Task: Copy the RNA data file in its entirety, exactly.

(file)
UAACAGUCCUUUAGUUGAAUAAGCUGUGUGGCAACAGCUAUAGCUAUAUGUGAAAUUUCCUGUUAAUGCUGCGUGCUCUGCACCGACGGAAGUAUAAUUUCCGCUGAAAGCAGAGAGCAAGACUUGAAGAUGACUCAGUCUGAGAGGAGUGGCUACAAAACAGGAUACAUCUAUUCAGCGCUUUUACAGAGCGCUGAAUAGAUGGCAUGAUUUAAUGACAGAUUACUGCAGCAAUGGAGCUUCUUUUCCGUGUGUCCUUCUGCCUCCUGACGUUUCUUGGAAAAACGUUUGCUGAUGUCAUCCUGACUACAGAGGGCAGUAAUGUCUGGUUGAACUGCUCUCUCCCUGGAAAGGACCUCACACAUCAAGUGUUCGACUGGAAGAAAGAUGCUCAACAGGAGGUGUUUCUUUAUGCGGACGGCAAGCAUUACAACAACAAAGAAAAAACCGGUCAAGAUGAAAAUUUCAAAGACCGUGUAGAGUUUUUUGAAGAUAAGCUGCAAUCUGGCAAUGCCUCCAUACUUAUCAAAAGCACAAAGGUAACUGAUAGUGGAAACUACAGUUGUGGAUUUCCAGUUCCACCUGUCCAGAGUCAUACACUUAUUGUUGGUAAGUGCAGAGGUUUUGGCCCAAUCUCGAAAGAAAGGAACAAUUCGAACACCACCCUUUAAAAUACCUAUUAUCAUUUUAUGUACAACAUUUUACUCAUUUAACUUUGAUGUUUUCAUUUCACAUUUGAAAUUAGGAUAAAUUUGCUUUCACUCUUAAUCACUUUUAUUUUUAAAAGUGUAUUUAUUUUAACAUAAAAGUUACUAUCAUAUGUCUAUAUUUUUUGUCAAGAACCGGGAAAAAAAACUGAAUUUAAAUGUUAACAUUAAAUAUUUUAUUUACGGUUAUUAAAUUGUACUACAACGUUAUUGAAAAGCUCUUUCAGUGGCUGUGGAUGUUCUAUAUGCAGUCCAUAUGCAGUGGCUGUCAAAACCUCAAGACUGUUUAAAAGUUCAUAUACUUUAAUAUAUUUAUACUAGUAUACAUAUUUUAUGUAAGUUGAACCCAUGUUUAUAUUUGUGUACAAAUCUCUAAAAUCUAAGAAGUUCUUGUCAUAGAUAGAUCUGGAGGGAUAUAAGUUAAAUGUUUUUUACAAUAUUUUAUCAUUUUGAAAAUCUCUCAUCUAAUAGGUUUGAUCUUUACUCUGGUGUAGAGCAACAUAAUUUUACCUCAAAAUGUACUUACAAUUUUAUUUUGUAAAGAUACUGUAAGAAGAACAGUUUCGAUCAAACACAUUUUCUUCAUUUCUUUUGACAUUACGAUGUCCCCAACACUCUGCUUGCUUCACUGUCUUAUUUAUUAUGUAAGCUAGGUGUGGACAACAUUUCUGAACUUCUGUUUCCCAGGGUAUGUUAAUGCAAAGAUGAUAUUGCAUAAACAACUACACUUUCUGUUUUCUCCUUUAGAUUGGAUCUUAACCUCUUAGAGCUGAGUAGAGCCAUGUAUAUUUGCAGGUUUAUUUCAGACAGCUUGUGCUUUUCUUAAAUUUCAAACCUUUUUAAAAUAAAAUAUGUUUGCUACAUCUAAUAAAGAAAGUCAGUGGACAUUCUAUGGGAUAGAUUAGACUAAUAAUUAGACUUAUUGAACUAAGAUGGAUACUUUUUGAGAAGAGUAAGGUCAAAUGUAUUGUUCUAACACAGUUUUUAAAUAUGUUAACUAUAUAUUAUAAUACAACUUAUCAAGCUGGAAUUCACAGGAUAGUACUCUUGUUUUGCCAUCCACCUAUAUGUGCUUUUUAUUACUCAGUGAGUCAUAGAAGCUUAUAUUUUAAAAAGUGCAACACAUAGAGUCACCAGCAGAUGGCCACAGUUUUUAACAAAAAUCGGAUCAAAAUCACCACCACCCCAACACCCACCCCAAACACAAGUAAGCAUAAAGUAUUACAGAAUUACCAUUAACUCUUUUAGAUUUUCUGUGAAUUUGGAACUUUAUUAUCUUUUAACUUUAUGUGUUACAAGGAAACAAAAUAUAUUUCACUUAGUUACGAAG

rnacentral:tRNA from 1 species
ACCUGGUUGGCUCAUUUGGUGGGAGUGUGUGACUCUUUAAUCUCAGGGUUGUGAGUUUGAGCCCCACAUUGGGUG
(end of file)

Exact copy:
UAACAGUCCUUUAGUUGAAUAAGCUGUGUGGCAACAGCUAUAGCUAUAUGUGAAAUUUCCUGUUAAUGCUGCGUGCUCUGCACCGACGGAAGUAUAAUUUCCGCUGAAAGCAGAGAGCAAGACUUGAAGAUGACUCAGUCUGAGAGGAGUGGCUACAAAACAGGAUACAUCUAUUCAGCGCUUUUACAGAGCGCUGAAUAGAUGGCAUGAUUUAAUGACAGAUUACUGCAGCAAUGGAGCUUCUUUUCCGUGUGUCCUUCUGCCUCCUGACGUUUCUUGGAAAAACGUUUGCUGAUGUCAUCCUGACUACAGAGGGCAGUAAUGUCUGGUUGAACUGCUCUCUCCCUGGAAAGGACCUCACACAUCAAGUGUUCGACUGGAAGAAAGAUGCUCAACAGGAGGUGUUUCUUUAUGCGGACGGCAAGCAUUACAACAACAAAGAAAAAACCGGUCAAGAUGAAAAUUUCAAAGACCGUGUAGAGUUUUUUGAAGAUAAGCUGCAAUCUGGCAAUGCCUCCAUACUUAUCAAAAGCACAAAGGUAACUGAUAGUGGAAACUACAGUUGUGGAUUUCCAGUUCCACCUGUCCAGAGUCAUACACUUAUUGUUGGUAAGUGCAGAGGUUUUGGCCCAAUCUCGAAAGAAAGGAACAAUUCGAACACCACCCUUUAAAAUACCUAUUAUCAUUUUAUGUACAACAUUUUACUCAUUUAACUUUGAUGUUUUCAUUUCACAUUUGAAAUUAGGAUAAAUUUGCUUUCACUCUUAAUCACUUUUAUUUUUAAAAGUGUAUUUAUUUUAACAUAAAAGUUACUAUCAUAUGUCUAUAUUUUUUGUCAAGAACCGGGAAAAAAAACUGAAUUUAAAUGUUAACAUUAAAUAUUUUAUUUACGGUUAUUAAAUUGUACUACAACGUUAUUGAAAAGCUCUUUCAGUGGCUGUGGAUGUUCUAUAUGCAGUCCAUAUGCAGUGGCUGUCAAAACCUCAAGACUGUUUAAAAGUUCAUAUACUUUAAUAUAUUUAUACUAGUAUACAUAUUUUAUGUAAGUUGAACCCAUGUUUAUAUUUGUGUACAAAUCUCUAAAAUCUAAGAAGUUCUUGUCAUAGAUAGAUCUGGAGGGAUAUAAGUUAAAUGUUUUUUACAAUAUUUUAUCAUUUUGAAAAUCUCUCAUCUAAUAGGUUUGAUCUUUACUCUGGUGUAGAGCAACAUAAUUUUACCUCAAAAUGUACUUACAAUUUUAUUUUGUAAAGAUACUGUAAGAAGAACAGUUUCGAUCAAACACAUUUUCUUCAUUUCUUUUGACAUUACGAUGUCCCCAACACUCUGCUUGCUUCACUGUCUUAUUUAUUAUGUAAGCUAGGUGUGGACAACAUUUCUGAACUUCUGUUUCCCAGGGUAUGUUAAUGCAAAGAUGAUAUUGCAUAAACAACUACACUUUCUGUUUUCUCCUUUAGAUUGGAUCUUAACCUCUUAGAGCUGAGUAGAGCCAUGUAUAUUUGCAGGUUUAUUUCAGACAGCUUGUGCUUUUCUUAAAUUUCAAACCUUUUUAAAAUAAAAUAUGUUUGCUACAUCUAAUAAAGAAAGUCAGUGGACAUUCUAUGGGAUAGAUUAGACUAAUAAUUAGACUUAUUGAACUAAGAUGGAUACUUUUUGAGAAGAGUAAGGUCAAAUGUAUUGUUCUAACACAGUUUUUAAAUAUGUUAACUAUAUAUUAUAAUACAACUUAUCAAGCUGGAAUUCACAGGAUAGUACUCUUGUUUUGCCAUCCACCUAUAUGUGCUUUUUAUUACUCAGUGAGUCAUAGAAGCUUAUAUUUUAAAAAGUGCAACACAUAGAGUCACCAGCAGAUGGCCACAGUUUUUAACAAAAAUCGGAUCAAAAUCACCACCACCCCAACACCCACCCCAAACACAAGUAAGCAUAAAGUAUUACAGAAUUACCAUUAACUCUUUUAGAUUUUCUGUGAAUUUGGAACUUUAUUAUCUUUUAACUUUAUGUGUUACAAGGAAACAAAAUAUAUUUCACUUAGUUACGAAG

rnacentral:tRNA from 1 species
ACCUGGUUGGCUCAUUUGGUGGGAGUGUGUGACUCUUUAAUCUCAGGGUUGUGAGUUUGAGCCCCACAUUGGGUG